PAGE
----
Archive for the ‘ Films ’ Category

Recommendation: The Laramie Project

If you have never seen the play “The Laramie Project,” I hereby insist that you see it. For those unfamiliar with it, The Laramie Project is a play written by the Tectonic Theater Project after conducting hundreds of interviews in Laramie, Wyoming, following the brutal beating of Matthew Shepard in 1998. The play chronically life in the town of Laramie during the year following the murder.

Last weekend, I had the pleasure of seeing a local university production. Pleasure may not be the correct word, however, as it’s an emotionally draining play. The cast of eight actors all play multiple roles, from friends, to law enforcement, the accused, to the family. I’m not one to cry during theater peformances, but I felt a few tears.

I had seen the play many years ago at a small local theater. I know that it was prior to 2003, and I’m pretty sure I was in middle school. The first time I saw it, I was shocked by the use of the words “faggot” and “dyke,” but also thrilled to know that gay people existed everywhere. This time I was struck by how much a tragedy affects an entire community. Just as studies on larger human rights violations often end in an exploration of the aftermath that the entire community must face, The Laramie Project explores how one event can change the course of a town.

I don’t want to give away too much more. The Laramie Project is one of the most performed plays in American. Find a production near you. If that fails, check out the film based on the play. Or check out the script from your local library. It’s worth it. I promise.


Watch It: XXY

Tonight, I had the pleasure of viewing the Argentinian film XXY as part of the Florida State University’s Gay and Lesbian film festival.

Directed by Lucía Puenzo and based on the short story “Cinismo” by Sergio Bizzio (anyone know where I can find this?), this film explores the sexual awakening and life changing decisions of a intersex teenager, Alex, and her parents.

The trailer doesn’t do it justice, but I will share anyways.

The Spanish language trailer is a little more telling, for those who can understand it.

Given that the film is entitled XXY, I pulled out an old textbook, Transformations: Women, Gender, and Psychology, to check the facts. From page 138: “XXY, or Kleinfelter’s syndrome […] causes men to have a less masculine physique and appearance (small penis and testicles, enlarged breasts, little body hair, and a high-pitched voice).” However, those with Kleinfelter’s syndrome are men. In contrast, Alex presents as a woman, taking hormones to prevent masculinization, and posses both male and female genitalia.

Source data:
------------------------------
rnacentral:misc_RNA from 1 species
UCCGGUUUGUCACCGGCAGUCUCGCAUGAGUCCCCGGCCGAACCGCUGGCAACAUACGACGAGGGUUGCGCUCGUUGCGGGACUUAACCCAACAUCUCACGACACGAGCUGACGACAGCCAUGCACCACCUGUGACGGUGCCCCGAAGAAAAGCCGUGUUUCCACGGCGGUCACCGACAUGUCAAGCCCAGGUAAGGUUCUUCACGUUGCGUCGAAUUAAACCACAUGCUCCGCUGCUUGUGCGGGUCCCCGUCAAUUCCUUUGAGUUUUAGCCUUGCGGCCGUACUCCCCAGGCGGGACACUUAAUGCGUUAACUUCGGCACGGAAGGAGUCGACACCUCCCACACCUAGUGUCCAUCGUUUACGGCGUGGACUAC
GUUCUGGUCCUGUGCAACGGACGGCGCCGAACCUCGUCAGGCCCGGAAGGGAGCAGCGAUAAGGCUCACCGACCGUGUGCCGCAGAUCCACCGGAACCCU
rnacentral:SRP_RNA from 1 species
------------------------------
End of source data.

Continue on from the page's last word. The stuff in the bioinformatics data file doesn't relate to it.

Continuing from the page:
Medical inaccuracies aside, XXY is a touching and challenging coming-of-age story. It managed to avoid sensationalism and exploitation, instead presenting a heart-felt human drama. It raises questions, and challenges our ideas of love, romance, identity, sexuality, and all the related definitions. I’ll admit it, this movie left me in tears.

I don’t want to say too much, because I think this is a film that everyone should watch.  Given that I saw this movie alone, I would like to decompress and debrief. How about this, dear readers: Add it to your Netflix cue, watch it, and then get back to me. There are many issues raised, and I’d love to start a conversation.

Sharing: Ghetto Ballet

I’m not a big television person, but when I do laundry at the ‘rents, I enjoy flipping on their flat screen TV and checking out what is “On Demand.”

Today, I came across the HBO documentary Ghetto Ballet. The documentary profiles several young dancers enrolled at Dance for All, South Africa’s first ballet-training program for youth from Cape Town’s poorest townships. The film offers a glimpse into the escape, dreams, and opportunities that ballet offers these young students. As a former dancer myself, I was fascinated. Moreover, I was impressed that the film explored issues of body ideals and poverty (This once again struck a personal chord, as I quit ballet largely because I tired of being told how my body was “wrong.”).

At 33 minutes in length, a lot was left out. However, it’s still an interesting documentary for anyone interested in the arts, Africa, dance, or youth in developing countries. It’s worth half an hour of your time.